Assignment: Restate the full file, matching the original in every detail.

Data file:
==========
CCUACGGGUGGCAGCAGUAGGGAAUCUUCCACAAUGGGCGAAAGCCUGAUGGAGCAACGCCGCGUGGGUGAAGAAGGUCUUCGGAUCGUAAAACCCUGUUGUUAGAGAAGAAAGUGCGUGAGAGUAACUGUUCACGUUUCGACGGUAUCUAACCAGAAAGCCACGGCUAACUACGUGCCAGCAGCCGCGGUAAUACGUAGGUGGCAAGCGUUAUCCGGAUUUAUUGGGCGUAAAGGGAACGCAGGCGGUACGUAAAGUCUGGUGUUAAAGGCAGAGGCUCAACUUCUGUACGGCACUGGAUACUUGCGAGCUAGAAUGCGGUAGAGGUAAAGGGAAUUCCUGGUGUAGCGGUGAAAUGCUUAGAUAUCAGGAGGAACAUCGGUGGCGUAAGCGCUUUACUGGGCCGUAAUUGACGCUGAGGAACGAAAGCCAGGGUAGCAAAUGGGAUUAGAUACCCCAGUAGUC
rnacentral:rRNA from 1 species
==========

CCUACGGGUGGCAGCAGUAGGGAAUCUUCCACAAUGGGCGAAAGCCUGAUGGAGCAACGCCGCGUGGGUGAAGAAGGUCUUCGGAUCGUAAAACCCUGUUGUUAGAGAAGAAAGUGCGUGAGAGUAACUGUUCACGUUUCGACGGUAUCUAACCAGAAAGCCACGGCUAACUACGUGCCAGCAGCCGCGGUAAUACGUAGGUGGCAAGCGUUAUCCGGAUUUAUUGGGCGUAAAGGGAACGCAGGCGGUACGUAAAGUCUGGUGUUAAAGGCAGAGGCUCAACUUCUGUACGGCACUGGAUACUUGCGAGCUAGAAUGCGGUAGAGGUAAAGGGAAUUCCUGGUGUAGCGGUGAAAUGCUUAGAUAUCAGGAGGAACAUCGGUGGCGUAAGCGCUUUACUGGGCCGUAAUUGACGCUGAGGAACGAAAGCCAGGGUAGCAAAUGGGAUUAGAUACCCCAGUAGUC
rnacentral:rRNA from 1 species